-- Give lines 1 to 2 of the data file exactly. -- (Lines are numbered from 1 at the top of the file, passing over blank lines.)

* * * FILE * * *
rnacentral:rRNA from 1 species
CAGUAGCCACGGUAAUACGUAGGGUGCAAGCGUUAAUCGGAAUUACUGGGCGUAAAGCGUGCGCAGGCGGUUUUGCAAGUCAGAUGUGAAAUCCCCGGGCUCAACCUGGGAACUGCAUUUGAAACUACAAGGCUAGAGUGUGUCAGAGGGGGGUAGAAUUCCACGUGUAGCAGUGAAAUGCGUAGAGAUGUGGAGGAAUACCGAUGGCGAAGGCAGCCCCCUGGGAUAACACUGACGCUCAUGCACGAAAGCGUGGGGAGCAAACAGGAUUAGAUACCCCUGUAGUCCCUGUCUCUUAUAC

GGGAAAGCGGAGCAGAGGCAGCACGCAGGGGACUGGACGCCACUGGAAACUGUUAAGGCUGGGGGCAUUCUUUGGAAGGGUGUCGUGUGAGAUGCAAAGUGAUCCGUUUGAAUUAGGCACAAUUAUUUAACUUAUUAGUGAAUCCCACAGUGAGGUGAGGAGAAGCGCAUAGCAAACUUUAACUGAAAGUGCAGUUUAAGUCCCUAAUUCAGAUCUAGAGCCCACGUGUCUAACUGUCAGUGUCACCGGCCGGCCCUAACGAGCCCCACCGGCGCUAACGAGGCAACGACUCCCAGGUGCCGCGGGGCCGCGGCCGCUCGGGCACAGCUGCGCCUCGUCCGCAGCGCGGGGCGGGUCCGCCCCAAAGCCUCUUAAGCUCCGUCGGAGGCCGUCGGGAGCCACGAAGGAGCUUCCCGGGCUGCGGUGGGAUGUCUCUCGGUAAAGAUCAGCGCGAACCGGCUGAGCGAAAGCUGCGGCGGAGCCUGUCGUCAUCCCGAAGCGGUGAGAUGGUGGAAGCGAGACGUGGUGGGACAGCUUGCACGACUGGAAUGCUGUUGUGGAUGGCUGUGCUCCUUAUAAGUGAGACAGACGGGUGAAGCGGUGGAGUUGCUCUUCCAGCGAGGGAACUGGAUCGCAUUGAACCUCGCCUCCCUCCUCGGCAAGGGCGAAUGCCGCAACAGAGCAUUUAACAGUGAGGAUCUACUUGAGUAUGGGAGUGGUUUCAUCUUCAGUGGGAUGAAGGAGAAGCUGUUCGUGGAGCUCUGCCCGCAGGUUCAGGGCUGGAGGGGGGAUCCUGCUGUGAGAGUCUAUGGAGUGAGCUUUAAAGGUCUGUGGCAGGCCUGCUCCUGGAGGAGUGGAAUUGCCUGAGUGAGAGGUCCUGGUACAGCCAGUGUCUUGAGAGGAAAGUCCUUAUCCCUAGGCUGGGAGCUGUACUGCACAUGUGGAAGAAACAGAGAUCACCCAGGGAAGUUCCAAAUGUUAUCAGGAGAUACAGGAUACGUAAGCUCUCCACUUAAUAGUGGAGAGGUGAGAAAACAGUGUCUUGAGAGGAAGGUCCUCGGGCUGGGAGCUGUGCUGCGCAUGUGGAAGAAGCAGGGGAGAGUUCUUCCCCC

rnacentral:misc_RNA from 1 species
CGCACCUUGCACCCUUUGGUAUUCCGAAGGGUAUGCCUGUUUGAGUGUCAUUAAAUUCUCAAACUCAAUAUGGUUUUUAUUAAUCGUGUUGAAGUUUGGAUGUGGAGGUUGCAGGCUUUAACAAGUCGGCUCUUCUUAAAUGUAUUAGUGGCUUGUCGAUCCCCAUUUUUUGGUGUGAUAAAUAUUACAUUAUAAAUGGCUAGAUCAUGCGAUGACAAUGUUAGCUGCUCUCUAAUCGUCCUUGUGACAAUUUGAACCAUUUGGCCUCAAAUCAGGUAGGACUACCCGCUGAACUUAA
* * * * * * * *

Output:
rnacentral:rRNA from 1 species
CAGUAGCCACGGUAAUACGUAGGGUGCAAGCGUUAAUCGGAAUUACUGGGCGUAAAGCGUGCGCAGGCGGUUUUGCAAGUCAGAUGUGAAAUCCCCGGGCUCAACCUGGGAACUGCAUUUGAAACUACAAGGCUAGAGUGUGUCAGAGGGGGGUAGAAUUCCACGUGUAGCAGUGAAAUGCGUAGAGAUGUGGAGGAAUACCGAUGGCGAAGGCAGCCCCCUGGGAUAACACUGACGCUCAUGCACGAAAGCGUGGGGAGCAAACAGGAUUAGAUACCCCUGUAGUCCCUGUCUCUUAUAC